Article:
The Aim of this Workshop from WG4 was to raise awareness of citizen scientists and other stakeholders (e.g. COST Action participants) on how citizen science social innovation transcends into Responsible Research and Innovation.
This workshop took place not in academic space, but in the heart of several NGOs dealing with global education, fair trade, sustainable forestry and other social and environmental issues, and the main technical support was provided NGO called Na Zemi (On the Earth).
Workshop aims: The aim of the workshop was to contribute to the co-creation of the EU-Citizen.Science online platform, which will serve as a mutual learning space where citizen science practitioners and participants can exchange experiences and successful strategies. Participants (see Annex I) were invited to share their expectations for the platform, and to contribute their expertise by identifying potential features and functionalities. The workshop also aimed to identify potential collaborations between the ongoing COST Action CA15212 and the EU-Citizen.Science platform, as well as exploring collaborations with current citizen science projects, networks and initiatives.
Context and Aim of the Workshop: This workshop was organised by the JRC work packages DigiTranScope, CSData and HUMAINT, in collaboration with the COST Action Citizen Science to promote creativity, scientific literacy, and innovation throughout Europe. The workshop was the first event within this COST Action devoted to the interaction between machine learning and action learning in citizen science, and aimed to raise awareness about opportunities and issues emerging from this interrelation.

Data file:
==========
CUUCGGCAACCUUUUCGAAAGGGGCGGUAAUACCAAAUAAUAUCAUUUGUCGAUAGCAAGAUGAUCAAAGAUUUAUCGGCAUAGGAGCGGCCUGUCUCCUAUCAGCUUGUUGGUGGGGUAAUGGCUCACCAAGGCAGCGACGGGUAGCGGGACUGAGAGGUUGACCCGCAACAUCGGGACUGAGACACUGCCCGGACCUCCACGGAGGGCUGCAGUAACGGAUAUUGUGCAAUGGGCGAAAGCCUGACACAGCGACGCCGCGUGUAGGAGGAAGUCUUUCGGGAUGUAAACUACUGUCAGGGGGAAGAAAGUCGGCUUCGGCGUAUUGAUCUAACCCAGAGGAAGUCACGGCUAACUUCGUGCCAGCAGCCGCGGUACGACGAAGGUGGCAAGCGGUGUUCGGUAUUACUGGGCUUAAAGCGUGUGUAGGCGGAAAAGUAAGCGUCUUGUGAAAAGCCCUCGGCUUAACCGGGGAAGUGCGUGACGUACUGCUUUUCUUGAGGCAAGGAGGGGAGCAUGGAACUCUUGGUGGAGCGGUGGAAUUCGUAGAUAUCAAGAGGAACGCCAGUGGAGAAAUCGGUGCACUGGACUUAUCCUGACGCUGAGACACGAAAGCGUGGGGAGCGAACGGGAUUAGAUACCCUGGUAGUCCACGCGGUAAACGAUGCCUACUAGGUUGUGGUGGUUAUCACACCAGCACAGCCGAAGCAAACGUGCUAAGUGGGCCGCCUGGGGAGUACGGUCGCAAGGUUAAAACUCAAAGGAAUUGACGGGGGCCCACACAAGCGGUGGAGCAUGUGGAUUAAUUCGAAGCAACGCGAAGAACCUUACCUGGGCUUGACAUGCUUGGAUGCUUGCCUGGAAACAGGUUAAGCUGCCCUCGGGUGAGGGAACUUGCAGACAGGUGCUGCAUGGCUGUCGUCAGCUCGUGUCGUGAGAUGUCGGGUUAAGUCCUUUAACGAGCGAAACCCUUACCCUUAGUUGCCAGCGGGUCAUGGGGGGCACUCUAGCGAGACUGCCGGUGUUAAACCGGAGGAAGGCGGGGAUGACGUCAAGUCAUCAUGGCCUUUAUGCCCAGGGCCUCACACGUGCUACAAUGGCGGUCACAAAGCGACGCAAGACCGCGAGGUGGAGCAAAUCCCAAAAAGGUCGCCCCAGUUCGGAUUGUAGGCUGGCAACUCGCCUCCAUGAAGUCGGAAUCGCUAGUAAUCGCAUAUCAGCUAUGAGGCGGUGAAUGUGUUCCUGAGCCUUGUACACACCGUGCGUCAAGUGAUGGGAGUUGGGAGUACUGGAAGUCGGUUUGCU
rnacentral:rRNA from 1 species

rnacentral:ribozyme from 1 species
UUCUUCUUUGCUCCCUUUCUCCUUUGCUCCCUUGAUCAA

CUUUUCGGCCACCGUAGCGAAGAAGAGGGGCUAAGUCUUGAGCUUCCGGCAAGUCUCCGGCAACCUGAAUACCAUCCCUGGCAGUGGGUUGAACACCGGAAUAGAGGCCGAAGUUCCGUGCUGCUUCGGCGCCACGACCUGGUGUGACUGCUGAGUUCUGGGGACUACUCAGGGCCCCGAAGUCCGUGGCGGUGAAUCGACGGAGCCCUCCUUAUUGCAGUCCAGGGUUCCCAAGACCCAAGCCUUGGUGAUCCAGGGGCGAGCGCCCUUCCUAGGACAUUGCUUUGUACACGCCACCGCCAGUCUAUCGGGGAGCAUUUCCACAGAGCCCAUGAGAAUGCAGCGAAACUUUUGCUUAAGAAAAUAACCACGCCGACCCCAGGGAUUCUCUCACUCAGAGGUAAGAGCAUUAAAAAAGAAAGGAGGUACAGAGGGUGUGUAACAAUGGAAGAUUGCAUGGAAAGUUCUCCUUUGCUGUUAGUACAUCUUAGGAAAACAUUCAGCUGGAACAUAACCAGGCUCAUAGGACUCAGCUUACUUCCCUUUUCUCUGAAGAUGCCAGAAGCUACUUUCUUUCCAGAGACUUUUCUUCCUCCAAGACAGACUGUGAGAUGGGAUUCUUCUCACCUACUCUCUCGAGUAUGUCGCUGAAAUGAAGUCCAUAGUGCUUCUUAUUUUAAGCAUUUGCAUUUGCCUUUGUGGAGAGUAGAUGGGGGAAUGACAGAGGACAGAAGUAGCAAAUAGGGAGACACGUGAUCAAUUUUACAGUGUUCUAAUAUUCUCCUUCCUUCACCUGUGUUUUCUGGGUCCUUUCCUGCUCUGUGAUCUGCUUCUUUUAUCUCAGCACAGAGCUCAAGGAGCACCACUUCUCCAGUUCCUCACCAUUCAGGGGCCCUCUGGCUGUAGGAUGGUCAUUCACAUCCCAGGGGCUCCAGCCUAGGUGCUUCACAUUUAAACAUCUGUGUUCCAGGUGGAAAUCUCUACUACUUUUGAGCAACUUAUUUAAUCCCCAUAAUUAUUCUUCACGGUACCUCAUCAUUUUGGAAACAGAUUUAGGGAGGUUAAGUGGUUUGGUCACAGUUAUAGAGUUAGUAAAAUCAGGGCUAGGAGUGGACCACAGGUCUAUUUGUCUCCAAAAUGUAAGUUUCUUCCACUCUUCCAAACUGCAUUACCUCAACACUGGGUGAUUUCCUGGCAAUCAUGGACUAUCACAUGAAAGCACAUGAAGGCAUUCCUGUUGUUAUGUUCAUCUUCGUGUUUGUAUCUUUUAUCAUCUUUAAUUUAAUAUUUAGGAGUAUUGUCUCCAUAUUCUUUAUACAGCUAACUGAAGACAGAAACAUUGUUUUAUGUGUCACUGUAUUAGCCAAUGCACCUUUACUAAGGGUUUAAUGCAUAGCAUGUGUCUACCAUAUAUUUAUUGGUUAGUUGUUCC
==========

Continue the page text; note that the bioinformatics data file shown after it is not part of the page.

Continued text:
Our deliverables in WG4 – ‘Deliverable 1: Review on participants’ requirements for volunteering in CS projects (Task 1)’ and ‘Recommendations for CS project designs that address volunteer needs (Task 1)’ both with an emphasis on technologies.
As most applications currently are isolated it would be beneficial to the entire community if modular and reusable components could be created which could be used by app developers; more or less similar to a lego-like house of apps.
The overall aim of this STSM project was to create clear and publicly understandable protocols that will familiarize with the objectives of the project, its importance and enable volunteers and other public to recognize symptoms of Phytophthora diseases.
The study under the applied STSM would use a Citizen Science platform to advance the spatial prediction of invasive forest Phytophthoras by providing the public with inexpensive location-based, time series data of unprecedented quantity and distribution.
As part of his STSM at Technion - Israel Institute of Technology under the supervision of Dr. Assaf Shwartz and Dr. Liat Levontin, Martin Jeanmougin developed a database on published studies of the motivations of citizens to participate in citizen science projects.